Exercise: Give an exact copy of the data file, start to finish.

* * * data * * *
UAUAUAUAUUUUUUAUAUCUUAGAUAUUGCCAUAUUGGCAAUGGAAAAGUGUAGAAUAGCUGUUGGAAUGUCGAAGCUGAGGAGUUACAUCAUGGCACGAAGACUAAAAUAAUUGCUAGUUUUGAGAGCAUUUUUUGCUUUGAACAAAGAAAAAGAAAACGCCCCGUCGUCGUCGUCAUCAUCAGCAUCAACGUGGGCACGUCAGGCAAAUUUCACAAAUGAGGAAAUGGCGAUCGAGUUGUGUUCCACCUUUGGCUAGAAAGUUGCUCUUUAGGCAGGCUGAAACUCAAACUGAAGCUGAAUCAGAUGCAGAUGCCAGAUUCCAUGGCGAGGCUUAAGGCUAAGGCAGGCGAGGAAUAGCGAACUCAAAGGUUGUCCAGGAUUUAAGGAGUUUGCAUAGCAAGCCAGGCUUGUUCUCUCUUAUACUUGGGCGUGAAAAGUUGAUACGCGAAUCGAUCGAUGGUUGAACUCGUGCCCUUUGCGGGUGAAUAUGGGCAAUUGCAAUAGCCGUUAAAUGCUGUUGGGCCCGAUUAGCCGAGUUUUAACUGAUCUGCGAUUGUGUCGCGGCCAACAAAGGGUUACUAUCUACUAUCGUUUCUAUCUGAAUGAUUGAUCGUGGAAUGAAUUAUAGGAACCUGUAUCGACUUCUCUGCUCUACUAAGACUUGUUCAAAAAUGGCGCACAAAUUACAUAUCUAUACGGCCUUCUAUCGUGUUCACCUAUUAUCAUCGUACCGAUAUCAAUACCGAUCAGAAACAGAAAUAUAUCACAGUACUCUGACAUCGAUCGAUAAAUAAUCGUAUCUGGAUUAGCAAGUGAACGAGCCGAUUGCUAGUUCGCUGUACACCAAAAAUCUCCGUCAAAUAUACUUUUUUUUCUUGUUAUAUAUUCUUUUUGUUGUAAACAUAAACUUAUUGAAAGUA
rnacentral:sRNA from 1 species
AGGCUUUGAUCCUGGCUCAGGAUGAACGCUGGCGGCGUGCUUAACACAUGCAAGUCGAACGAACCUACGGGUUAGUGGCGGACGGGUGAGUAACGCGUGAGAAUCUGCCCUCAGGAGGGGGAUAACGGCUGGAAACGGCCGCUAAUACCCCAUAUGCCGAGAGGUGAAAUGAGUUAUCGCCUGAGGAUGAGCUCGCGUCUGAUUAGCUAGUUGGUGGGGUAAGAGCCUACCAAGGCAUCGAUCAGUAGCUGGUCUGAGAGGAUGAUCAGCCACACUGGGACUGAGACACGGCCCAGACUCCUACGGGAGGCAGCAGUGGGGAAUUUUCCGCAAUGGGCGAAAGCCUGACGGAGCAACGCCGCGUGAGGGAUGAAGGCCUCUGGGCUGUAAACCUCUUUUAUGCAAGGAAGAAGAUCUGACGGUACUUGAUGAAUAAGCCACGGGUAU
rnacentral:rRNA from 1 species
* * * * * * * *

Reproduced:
UAUAUAUAUUUUUUAUAUCUUAGAUAUUGCCAUAUUGGCAAUGGAAAAGUGUAGAAUAGCUGUUGGAAUGUCGAAGCUGAGGAGUUACAUCAUGGCACGAAGACUAAAAUAAUUGCUAGUUUUGAGAGCAUUUUUUGCUUUGAACAAAGAAAAAGAAAACGCCCCGUCGUCGUCGUCAUCAUCAGCAUCAACGUGGGCACGUCAGGCAAAUUUCACAAAUGAGGAAAUGGCGAUCGAGUUGUGUUCCACCUUUGGCUAGAAAGUUGCUCUUUAGGCAGGCUGAAACUCAAACUGAAGCUGAAUCAGAUGCAGAUGCCAGAUUCCAUGGCGAGGCUUAAGGCUAAGGCAGGCGAGGAAUAGCGAACUCAAAGGUUGUCCAGGAUUUAAGGAGUUUGCAUAGCAAGCCAGGCUUGUUCUCUCUUAUACUUGGGCGUGAAAAGUUGAUACGCGAAUCGAUCGAUGGUUGAACUCGUGCCCUUUGCGGGUGAAUAUGGGCAAUUGCAAUAGCCGUUAAAUGCUGUUGGGCCCGAUUAGCCGAGUUUUAACUGAUCUGCGAUUGUGUCGCGGCCAACAAAGGGUUACUAUCUACUAUCGUUUCUAUCUGAAUGAUUGAUCGUGGAAUGAAUUAUAGGAACCUGUAUCGACUUCUCUGCUCUACUAAGACUUGUUCAAAAAUGGCGCACAAAUUACAUAUCUAUACGGCCUUCUAUCGUGUUCACCUAUUAUCAUCGUACCGAUAUCAAUACCGAUCAGAAACAGAAAUAUAUCACAGUACUCUGACAUCGAUCGAUAAAUAAUCGUAUCUGGAUUAGCAAGUGAACGAGCCGAUUGCUAGUUCGCUGUACACCAAAAAUCUCCGUCAAAUAUACUUUUUUUUCUUGUUAUAUAUUCUUUUUGUUGUAAACAUAAACUUAUUGAAAGUA
rnacentral:sRNA from 1 species
AGGCUUUGAUCCUGGCUCAGGAUGAACGCUGGCGGCGUGCUUAACACAUGCAAGUCGAACGAACCUACGGGUUAGUGGCGGACGGGUGAGUAACGCGUGAGAAUCUGCCCUCAGGAGGGGGAUAACGGCUGGAAACGGCCGCUAAUACCCCAUAUGCCGAGAGGUGAAAUGAGUUAUCGCCUGAGGAUGAGCUCGCGUCUGAUUAGCUAGUUGGUGGGGUAAGAGCCUACCAAGGCAUCGAUCAGUAGCUGGUCUGAGAGGAUGAUCAGCCACACUGGGACUGAGACACGGCCCAGACUCCUACGGGAGGCAGCAGUGGGGAAUUUUCCGCAAUGGGCGAAAGCCUGACGGAGCAACGCCGCGUGAGGGAUGAAGGCCUCUGGGCUGUAAACCUCUUUUAUGCAAGGAAGAAGAUCUGACGGUACUUGAUGAAUAAGCCACGGGUAU
rnacentral:rRNA from 1 species